SQL single instance or multiple



  • What's your reasoning for one or the other? I know with some who choose multiple, they say it has more security and you can configure resources to be more granular per instance. Others say that is a waste of time and should be handled in one instance for more simple management.

    Thoughts?



  • My personal preference is single instance. It uncomplicates a lot of things.



  • It depends. One or multiple will always be determined on as as-needed basis, just like any other decision in IT.

    The one thing I just don't get is multiple instances offering more security. Seems like that's just more root passwords to go after than offering any sort of added security. Unless they're giving all users access to all databases on a server, to which I'd say stop, now.


  • Service Provider

    The SMB almost never needs multiple SQL Server instances. Saying it is for security means that there are jsut bad software developers in the loop that did not write their applicaiotn to use appropriate permissions.



  • @JaredBusch said in SQL single instance or multiple:

    The SMB almost never needs multiple SQL Server instances. Saying it is for security means that there are jsut bad software developers in the loop that did not write their applicaiotn to use appropriate permissions.

    One thing I've been told is people who don't understand multiple instances, want them. Those who do know about them, don't want the hassle.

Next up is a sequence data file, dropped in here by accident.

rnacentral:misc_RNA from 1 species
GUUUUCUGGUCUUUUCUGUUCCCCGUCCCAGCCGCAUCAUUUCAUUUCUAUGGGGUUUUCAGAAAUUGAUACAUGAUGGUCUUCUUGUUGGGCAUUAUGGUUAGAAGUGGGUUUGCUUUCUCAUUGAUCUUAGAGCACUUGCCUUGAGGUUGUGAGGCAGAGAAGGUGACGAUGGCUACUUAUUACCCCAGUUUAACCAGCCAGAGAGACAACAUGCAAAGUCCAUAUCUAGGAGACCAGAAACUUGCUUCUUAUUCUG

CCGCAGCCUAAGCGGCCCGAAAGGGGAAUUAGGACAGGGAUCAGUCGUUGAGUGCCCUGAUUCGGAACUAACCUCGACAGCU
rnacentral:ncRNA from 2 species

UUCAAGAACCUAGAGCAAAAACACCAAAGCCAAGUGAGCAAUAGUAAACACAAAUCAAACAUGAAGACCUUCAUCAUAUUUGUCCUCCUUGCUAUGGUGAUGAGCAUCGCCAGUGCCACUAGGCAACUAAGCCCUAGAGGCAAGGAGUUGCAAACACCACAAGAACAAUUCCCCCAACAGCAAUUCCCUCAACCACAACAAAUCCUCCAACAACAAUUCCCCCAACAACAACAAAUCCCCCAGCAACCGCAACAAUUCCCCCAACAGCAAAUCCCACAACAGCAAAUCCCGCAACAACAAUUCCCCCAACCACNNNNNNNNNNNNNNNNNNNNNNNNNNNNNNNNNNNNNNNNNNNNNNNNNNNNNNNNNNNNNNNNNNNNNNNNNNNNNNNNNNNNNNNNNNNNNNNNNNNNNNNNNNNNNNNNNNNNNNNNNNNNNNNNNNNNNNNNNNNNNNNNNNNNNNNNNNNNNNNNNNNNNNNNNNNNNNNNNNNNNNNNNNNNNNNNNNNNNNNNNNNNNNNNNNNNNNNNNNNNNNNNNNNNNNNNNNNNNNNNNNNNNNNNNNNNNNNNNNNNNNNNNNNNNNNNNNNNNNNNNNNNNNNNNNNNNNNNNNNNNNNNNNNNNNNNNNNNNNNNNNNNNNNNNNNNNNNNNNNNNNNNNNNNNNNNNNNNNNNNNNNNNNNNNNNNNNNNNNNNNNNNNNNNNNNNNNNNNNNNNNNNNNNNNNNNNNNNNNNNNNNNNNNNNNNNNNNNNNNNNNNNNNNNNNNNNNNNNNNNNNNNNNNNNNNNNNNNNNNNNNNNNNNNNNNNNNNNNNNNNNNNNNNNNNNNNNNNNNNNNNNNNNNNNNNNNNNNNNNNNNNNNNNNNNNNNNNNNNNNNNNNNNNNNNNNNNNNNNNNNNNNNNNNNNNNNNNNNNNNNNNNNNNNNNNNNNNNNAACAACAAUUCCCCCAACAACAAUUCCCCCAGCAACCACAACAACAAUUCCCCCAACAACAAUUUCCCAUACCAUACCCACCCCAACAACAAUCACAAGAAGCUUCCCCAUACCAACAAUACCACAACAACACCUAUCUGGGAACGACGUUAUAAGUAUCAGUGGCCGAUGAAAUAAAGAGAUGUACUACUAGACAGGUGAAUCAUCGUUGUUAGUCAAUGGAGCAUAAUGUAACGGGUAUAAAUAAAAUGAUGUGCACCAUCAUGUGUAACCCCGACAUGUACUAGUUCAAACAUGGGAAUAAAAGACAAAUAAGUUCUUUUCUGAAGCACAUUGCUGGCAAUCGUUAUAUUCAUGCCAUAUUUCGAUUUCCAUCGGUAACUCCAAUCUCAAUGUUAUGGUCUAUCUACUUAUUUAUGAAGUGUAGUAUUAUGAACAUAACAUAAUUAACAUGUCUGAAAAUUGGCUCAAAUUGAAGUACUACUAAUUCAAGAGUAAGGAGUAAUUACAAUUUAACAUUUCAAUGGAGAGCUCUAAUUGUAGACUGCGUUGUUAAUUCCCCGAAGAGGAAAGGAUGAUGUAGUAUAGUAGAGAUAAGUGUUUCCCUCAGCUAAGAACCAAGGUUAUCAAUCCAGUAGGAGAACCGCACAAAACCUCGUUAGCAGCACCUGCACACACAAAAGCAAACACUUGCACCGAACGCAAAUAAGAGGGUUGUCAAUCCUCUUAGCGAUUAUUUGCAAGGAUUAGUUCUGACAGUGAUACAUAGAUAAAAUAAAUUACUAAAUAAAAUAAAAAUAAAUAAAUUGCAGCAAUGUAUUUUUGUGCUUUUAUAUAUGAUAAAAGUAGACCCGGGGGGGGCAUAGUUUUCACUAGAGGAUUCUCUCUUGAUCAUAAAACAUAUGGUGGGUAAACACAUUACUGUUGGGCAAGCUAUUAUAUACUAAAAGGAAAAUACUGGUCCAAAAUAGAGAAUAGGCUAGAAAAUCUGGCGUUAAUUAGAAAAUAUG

• @BBigford said in SQL single instance or multiple:

    @JaredBusch said in SQL single instance or multiple:

    The SMB almost never needs multiple SQL Server instances. Saying it is for security means that there are jsut bad software developers in the loop that did not write their applicaiotn to use appropriate permissions.

    One thing I've been told is people who don't understand multiple instances, want them. Those who do know about them, don't want the hassle.

    Seems legit.



  • @BBigford

    Does multiple also include Primary and Slave option, cause using MySQL setting that up is very easy, and you can keep the slave as replica.


  • Service Provider

    @BBigford said in SQL single instance or multiple:

    What's your reasoning for one or the other? I know with some who choose multiple, they say it has more security and you can configure resources to be more granular per instance. Others say that is a waste of time and should be handled in one instance for more simple management.

    Thoughts?

    If it creates more security, then SQL Server is a major issue and you need to replace it. Sounds like FUD. I hear this a lot from Windows people - they believe in the product so much that they won't use anything else, but don't trust it at all. Which makes me question their judgment. What aspect of it was so important that they use it at all believing it to be so insecure that it can't be trusted?


  • Service Provider

    @travisdh1 said in SQL single instance or multiple:

    It depends. One or multiple will always be determined on as as-needed basis, just like any other decision in IT.

    This is correct. It's all circumstantial. This is where a trained DBA is a good idea, these are the kinds of things that they should be determining for you.


  • Service Provider

    @BBigford said in SQL single instance or multiple:

    @JaredBusch said in SQL single instance or multiple:

    The SMB almost never needs multiple SQL Server instances. Saying it is for security means that there are jsut bad software developers in the loop that did not write their applicaiotn to use appropriate permissions.

    One thing I've been told is people who don't understand multiple instances, want them. Those who do know about them, don't want the hassle.

    Generally true. Sometimes you need different versions, and then it can make sense.


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